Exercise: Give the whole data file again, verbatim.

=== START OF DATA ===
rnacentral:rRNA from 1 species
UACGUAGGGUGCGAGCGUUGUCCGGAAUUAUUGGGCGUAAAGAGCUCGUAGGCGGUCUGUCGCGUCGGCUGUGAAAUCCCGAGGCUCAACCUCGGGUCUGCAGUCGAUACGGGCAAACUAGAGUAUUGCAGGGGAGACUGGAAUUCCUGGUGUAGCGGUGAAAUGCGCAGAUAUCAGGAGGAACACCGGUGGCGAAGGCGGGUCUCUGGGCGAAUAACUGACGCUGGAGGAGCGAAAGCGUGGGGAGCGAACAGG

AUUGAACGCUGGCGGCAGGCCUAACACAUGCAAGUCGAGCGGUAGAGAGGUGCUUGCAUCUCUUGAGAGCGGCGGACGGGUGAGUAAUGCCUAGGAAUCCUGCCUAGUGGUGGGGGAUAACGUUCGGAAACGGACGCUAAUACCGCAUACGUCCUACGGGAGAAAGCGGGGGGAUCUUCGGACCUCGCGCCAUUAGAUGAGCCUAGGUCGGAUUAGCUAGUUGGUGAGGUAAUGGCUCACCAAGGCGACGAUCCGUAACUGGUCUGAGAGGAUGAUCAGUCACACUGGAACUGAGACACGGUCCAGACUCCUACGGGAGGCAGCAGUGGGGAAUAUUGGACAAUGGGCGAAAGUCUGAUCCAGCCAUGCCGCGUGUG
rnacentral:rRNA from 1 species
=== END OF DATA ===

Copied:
rnacentral:rRNA from 1 species
UACGUAGGGUGCGAGCGUUGUCCGGAAUUAUUGGGCGUAAAGAGCUCGUAGGCGGUCUGUCGCGUCGGCUGUGAAAUCCCGAGGCUCAACCUCGGGUCUGCAGUCGAUACGGGCAAACUAGAGUAUUGCAGGGGAGACUGGAAUUCCUGGUGUAGCGGUGAAAUGCGCAGAUAUCAGGAGGAACACCGGUGGCGAAGGCGGGUCUCUGGGCGAAUAACUGACGCUGGAGGAGCGAAAGCGUGGGGAGCGAACAGG

AUUGAACGCUGGCGGCAGGCCUAACACAUGCAAGUCGAGCGGUAGAGAGGUGCUUGCAUCUCUUGAGAGCGGCGGACGGGUGAGUAAUGCCUAGGAAUCCUGCCUAGUGGUGGGGGAUAACGUUCGGAAACGGACGCUAAUACCGCAUACGUCCUACGGGAGAAAGCGGGGGGAUCUUCGGACCUCGCGCCAUUAGAUGAGCCUAGGUCGGAUUAGCUAGUUGGUGAGGUAAUGGCUCACCAAGGCGACGAUCCGUAACUGGUCUGAGAGGAUGAUCAGUCACACUGGAACUGAGACACGGUCCAGACUCCUACGGGAGGCAGCAGUGGGGAAUAUUGGACAAUGGGCGAAAGUCUGAUCCAGCCAUGCCGCGUGUG
rnacentral:rRNA from 1 species